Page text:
Representatives of the Financial Fraud Enforcement Task Force in the District of Columbia, including U.S. Attorney Ronald C. Machen Jr., Daniel S. Cortez, Inspector in Charge, Washington Division, U.S. Postal Inspection Service, Kenneth M. Donohue, Inspector General of the U.S. Department of Housing & Urban Development (HUD), and Commissioner Gennet Purcell of the District of Columbia Department of Insurance, Securities and Banking, have announced the indictment of Renaldo D. Gillis and Afolasade Orekoya with regard to their organization and perpetration of an extensive mortgage fraud “flipping” scheme based in the District of Columbia.
The national takedown was organized by President Obama’s interagency Financial Fraud Enforcement Task Force, which was established to lead an aggressive, coordinated,and proactive effort to investigate and prosecute financial crimes. Starting on March 1, to date Operation Stolen Dreams has involved 1,215 criminal defendants nationwide, including 485 arrests, who are allegedly responsible for more than $2.3 billion in losses. Additionally, to date the operation has resulted in 191 civil enforcement actions which have resulted in the recovery of more than $147 million.
“Mortgage fraud ruins lives, destroys families and devastates whole communities, so attacking the problem from every possible direction is vital,” said U.S. Attorney General Eric Holder. “We will use every tool available to investigate, prosecute, and prevent mortgage fraud, and we will not rest until anyone preying on vulnerable American homeowners is brought to justice.”
“Homeownership is an integral part of the American dream, and today we send a clear message to those who seek to shatter that dream: You will be held accountable for your criminal conduct," said U.S. Attorney Ronald C. Machen Jr. "Combating mortgage fraud is one of our office’s top priorities. We are committed to rooting out mortgage fraud schemes and aggressively investigating and prosecuting those who seek to profit illegally to the detriment of our homeowners, our lending institutions, and our communities.”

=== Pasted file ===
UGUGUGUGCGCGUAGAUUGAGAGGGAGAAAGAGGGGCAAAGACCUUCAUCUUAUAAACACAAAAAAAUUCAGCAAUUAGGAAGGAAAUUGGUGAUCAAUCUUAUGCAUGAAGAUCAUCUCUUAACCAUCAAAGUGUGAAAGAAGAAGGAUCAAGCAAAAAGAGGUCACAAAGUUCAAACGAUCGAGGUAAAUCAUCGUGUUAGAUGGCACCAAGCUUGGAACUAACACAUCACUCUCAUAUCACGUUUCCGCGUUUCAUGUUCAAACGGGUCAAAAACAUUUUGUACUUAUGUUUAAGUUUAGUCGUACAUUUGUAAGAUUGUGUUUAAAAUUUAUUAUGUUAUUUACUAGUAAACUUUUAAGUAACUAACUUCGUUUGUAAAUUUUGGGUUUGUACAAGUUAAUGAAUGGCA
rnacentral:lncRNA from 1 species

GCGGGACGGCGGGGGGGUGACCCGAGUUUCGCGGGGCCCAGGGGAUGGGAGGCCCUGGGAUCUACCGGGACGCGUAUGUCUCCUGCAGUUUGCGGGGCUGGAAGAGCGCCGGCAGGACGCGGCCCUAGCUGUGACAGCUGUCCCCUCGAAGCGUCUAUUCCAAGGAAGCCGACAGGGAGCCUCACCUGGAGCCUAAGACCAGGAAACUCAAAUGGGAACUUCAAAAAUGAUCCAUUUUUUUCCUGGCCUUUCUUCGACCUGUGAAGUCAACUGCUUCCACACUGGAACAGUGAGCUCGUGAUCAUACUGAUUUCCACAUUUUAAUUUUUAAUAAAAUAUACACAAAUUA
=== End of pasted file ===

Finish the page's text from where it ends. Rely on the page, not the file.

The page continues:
Unlike previous mortgage fraud sweeps, Operation Stolen Dreams focused not only on federal criminal cases, but also on civil enforcement, recovering money for victims, and increasing cooperation with state and local partners. An example of the success of Operation Stolen Dreams includes the indictment in United States v. Renaldo D. Gillis & Afolasade Orekoya, in the United States District Court for the District of Columbia. In the case, a federal grand jury returned a 14-count indictment charging Gillis, a licensed real estate appraiser and purported real estate investor in the District of Columbia, and Orekoya, a licensed real estate agent and independent loan processor for mortgage brokers, with conspiracy and multiple counts of bank, mail, and wire fraud for their leadership roles in an elaborate, years-long mortgage fraud scheme.
According to the indictment, from 2003-2009, the defendants and their co-conspirators targeted numerous D.C.-area homes for quick resales or property flips at fraudulently inflated prices. Pursuant to the scheme, Gillis recruited others to act as “straw buyers” of the properties. The straw buyers submitted loan applications to Orekoya, who inputted false information on the loan applications (typically inflating the straw buyers’ assets and income) and submitted them to mortgage lenders, including banks. Meanwhile, Gillis also generated fraudulent appraisals which falsely inflated the value of the properties (in reality, the properties were often in poor condition).
The properties were then quickly resold or “flipped” to new straw buyers at increasing prices supported by the inflated appraisals. The mortgage fraud scheme netted Gillis, Orekoya, and their co-conspirators over $1 million in illegal proceeds and caused the lending institutions to lose over $2.3 million. If convicted, the defendants face decades of imprisonment and fines in excess of $1 million. In addition, the United States is pursuing, through criminal forfeiture, a money judgment of over $1,000,000 against the defendants, as well as a house owned by Gillis in Georgia.
United States v. Renaldo D. Gillis & Afolasade Orekoya is but one of several mortgage fraud investigations currently being handled by the task force and U.S. Attorney’s Office for the District of Columbia.
For more information, visit www.justice.gov.
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